That is unsurprising, if a little disappointing. It makes little sense for Yamaha to fly new bikes halfway around the world from Japan to Spain just to put them on display, then pack them up again to fly them back to Sepang for the tests. More disappointing is the news broken by GPOne.com, that Ducati are to present what is basically a GP16 in 2017 colors.

Movistar Yamaha Press Release: Yamaha Unveils 2017 MotoGP Team In Madrid

The Movistar Yamaha MotoGP team issued the following press release after the team launch in Madrid:


THE MOVISTAR YAMAHA MOTOGP TEAM UNVEILS 2017 LINE-UP IN MADRID

The Movistar Yamaha MotoGP Team grabbed the spotlight in Madrid today as it presented its new rider line-up, 2017 YZR-M1 livery, team logo and sponsors. The team launch event featured Valentino Rossi and Maverick Viñales as well as key members of the Yamaha Management staff and the President of Telefónica Spain.

2017 Movistar Yamaha MotoGP livery

Guest Blog: Mat Oxley - How MotoGP launch control works

Launch control is the rider-aids programme designed to help MotoGP riders when they rocket away from the grid at the start of races. This is how it works…

Overtaking in MotoGP gets more and more difficult for all kinds of reasons, from the reduced braking distances allowed by carbon brakes to the fact that all the bikes now have very similar performance.

This is what makes the start of a race more important than ever and this is why launch control was invented. Launch-control programmes are designed to help the rider use maximum acceleration when he dumps the clutch on 260 horsepower. But like all MotoGP rider aids, Dorna’s recently introduced unified software is significantly less clever than the tailormade software created by the factories during the first decade or so of MotoGP.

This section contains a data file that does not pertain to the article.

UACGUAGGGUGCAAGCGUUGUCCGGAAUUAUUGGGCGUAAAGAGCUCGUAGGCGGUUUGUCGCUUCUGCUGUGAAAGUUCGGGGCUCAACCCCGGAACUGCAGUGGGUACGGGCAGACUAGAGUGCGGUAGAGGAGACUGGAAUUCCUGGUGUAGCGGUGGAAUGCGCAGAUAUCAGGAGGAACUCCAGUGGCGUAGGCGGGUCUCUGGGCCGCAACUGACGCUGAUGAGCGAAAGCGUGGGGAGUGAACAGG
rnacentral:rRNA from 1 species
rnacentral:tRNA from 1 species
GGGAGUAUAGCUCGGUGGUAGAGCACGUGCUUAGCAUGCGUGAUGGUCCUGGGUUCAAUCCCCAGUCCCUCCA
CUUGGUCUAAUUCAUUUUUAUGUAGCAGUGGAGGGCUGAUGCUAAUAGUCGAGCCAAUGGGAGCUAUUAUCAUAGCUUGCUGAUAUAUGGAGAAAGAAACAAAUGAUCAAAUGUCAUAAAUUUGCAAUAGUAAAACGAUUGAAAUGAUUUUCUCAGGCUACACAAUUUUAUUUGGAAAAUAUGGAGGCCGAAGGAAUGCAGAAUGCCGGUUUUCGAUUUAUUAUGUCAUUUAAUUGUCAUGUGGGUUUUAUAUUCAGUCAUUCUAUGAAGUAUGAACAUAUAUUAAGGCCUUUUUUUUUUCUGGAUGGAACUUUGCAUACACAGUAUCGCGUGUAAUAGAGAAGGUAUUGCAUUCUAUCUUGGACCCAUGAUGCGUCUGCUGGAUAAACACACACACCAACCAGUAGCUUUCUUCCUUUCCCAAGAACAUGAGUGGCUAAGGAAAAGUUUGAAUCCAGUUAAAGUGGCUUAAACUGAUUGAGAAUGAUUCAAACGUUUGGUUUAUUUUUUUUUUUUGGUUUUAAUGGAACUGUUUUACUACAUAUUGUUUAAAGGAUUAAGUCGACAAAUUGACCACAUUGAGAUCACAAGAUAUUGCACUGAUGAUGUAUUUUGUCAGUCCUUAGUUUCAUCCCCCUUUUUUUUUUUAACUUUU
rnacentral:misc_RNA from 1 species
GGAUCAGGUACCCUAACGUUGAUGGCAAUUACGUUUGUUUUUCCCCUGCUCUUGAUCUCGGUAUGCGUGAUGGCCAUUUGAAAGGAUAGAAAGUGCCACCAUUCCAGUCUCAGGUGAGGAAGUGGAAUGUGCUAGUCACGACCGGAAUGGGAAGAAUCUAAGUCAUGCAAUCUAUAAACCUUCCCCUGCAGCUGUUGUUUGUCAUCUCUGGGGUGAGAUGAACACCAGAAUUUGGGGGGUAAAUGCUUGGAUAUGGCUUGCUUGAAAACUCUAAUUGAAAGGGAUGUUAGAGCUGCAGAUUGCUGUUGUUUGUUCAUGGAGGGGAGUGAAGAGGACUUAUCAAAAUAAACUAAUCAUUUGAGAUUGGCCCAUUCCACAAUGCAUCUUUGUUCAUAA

Launch Season Approaching - Yamaha, Ducati This Week, WorldSBK Teams In Two Weeks Time

With the first tests of 2017 fast approaching - track action gets underway next week, with the WorldSBK teams testing at Jerez, followed by MotoGP the week after - teams are presenting their new liveries, new sponsors and new teams for 2017.

This week sees two MotoGP factory teams unveil their new liveries and their new bikes for the 2017 season. The Movistar Yamaha team kick off proceedings on Thursday, 19th January, with the presentation of the 2017 Yamaha YZR-M1, with Valentino Rossi and Maverick Viñales as their riders. The following day, Friday, 20th January, Ducati follow suit, presenting Jorge Lorenzo and Andrea Dovizioso. Both events will be streamed live, for fans all over the world to see.

Circuit News: Spa Looking To Host MotoGP, MSV Acquires Donington Lease

After last week's announcements from the Circuit of Wales and the Hungaroring, there comes news from two more circuits this week. Firstly, that the legendary Belgian Spa Francorchamps circuit is looking to host a MotoGP round. And secondly, that MSV has taken over the lease to run the Donington Park circuit, also possibly opening the door to a return for MotoGP.

The first news is perhaps the most exciting for MotoGP fans. In an interview with the Belgian newspaper La Dernière Heure, Spa Francorchamps boss Nathalie Maillet, said she hoped to bring MotoGP back to the iconic Belgian circuit within the next few years. She had spent a day in Madrid speaking to Dorna bosses, Maillet told DH, discussing the possibility of staging a race. "Making the changes needed to host a motorcycle race is not impossible," Maillet told DH.

Rating The Riders, 2016: Cal Crutchlow

The next rider to go under the microscope in our retrospective of 2016 is one of the most interesting of the year. Cal Crutchlow had a season of two halves, but up and down. Here's how we rate the LCR Honda rider's performance last year:

Cal Crutchlow – Honda – 8.5
7th - 141 points

By the time Cal Crutchlow left Le Mans, after the fifth race of the 2016 MotoGP season, his future in MotoGP was being openly questioned. He had just five points from five races, and was twentieth in the championship. He had crashed out of three races, and crashed and remounted in a fourth, in Austin. Things were looking rather bleak.

His results were in stark contrast to the talk of him possibly taking the place of Dani Pedrosa in the Repsol Honda team. Fans responded to such rumors – like Pedrosa's switch to Yamaha – with a great deal of skepticism. Why would HRC want to sign a man who couldn't even finish a race?